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Economics

Long-distance collaboration makes scientific breakthroughs more likely, suggests Oxford University research

In an analysis of data for over ten million research teams, across eleven academic fields from 1961 to 2020, a new working paper from the Oxford Martin Programme on the Future of Work has determined that over the past decade remote collaboration between academic teams has led to more scientific breakthroughs.

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‘Managing Future Shocks’ in focus for two new research programmes

The Oxford Martin School has launched two new solutions-focused programmes aiming to support greater resilience in global economic, social and environmental governance in the face of future shocks and crises of all types.

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Earth Day 2022 and the undervalued decarbonisation potential of state-owned energy companies

Today, on Earth Day 2022 people from around the world that care about the future of our climate and environment are calling on businesses, governments, and individuals to do one thing – Invest in our Planet.

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African Governance: economic, social and political governance challenges explored in new event series.

The economic, social and political governance challenges for sub-Saharan Africa remain immense. In 2018 40% of the population were living below the US$1.90-a-day poverty line, a situation which will have only become worse due to the impact of the COVID-19 pandemic. In addition, the area is expecting to experience a youth bulge, in the face of growing economic uncertainties.

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Professor Sir Paul Collier appointed to UK Government's Levelling Up Advisory Council

The Advisory Council will be charged with providing independent expert advice to the Government on matters relating to the design and delivery of levelling up.

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COP26: successes, lessons and what’s next explored in new event series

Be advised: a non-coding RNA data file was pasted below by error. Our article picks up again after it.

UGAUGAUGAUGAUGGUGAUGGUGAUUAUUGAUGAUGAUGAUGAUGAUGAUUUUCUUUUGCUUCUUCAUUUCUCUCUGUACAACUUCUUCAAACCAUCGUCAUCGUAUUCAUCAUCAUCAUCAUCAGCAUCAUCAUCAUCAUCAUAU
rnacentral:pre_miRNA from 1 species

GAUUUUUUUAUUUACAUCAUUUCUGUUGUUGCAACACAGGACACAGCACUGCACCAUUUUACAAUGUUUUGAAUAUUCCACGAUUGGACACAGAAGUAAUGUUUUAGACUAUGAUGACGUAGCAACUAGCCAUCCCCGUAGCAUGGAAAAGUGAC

Many people believed that the 26th meeting of the UN’s global climate summit (COP26) hosted in Glasgow in November 2021 was the world’s last best chance to get runaway climate change under control.

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Taxing meat can protect the environment

Taxing meat could be an important lever for aligning Western diets with environmental goals and can be designed such that low-income households and farmers are compensated.

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Meat and dairy gobble up farming subsidies worldwide; it's bad for your health and the planet

The global food system is in disarray. Animal agriculture is a major driver of global heating, and as many as 12 million deaths from heart disease, stroke, cancers and diabetes are each year connected to eating the wrong things, like too much red and processed meat and too few fruits and vegetables.

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Climate Failure and Social Crisis Top Global Risks 2022

Climate risks dominate global concerns as the world enters the third year of the pandemic.

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How wealth matters for social policy

Along with my colleague Professor Ive Marx of the University of Antwerp and Herman Deleeck Centre for Social Policy, I am proud to introduce a new special issue from the Journal of European Social Policy on social policy and wealth that we have edited.

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We must adapt to live with the impacts of climate change

As world leaders meet in Glasgow to make vital decisions on the future of the planet, a new UN report calls for an urgent increase in the financing and action to adapt to the growing impacts of climate change.

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Government action to shape markets can deliver environmental and economic success

Leading economists and scientists call on governments to learn from interventions that drove success of solar, wind and LED industries

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How to revive left-behind regions explored in ‘Levelling-Up’ events

Closing the gaps between economic strongholds and left-behind places is major policy challenge for nations around the world.

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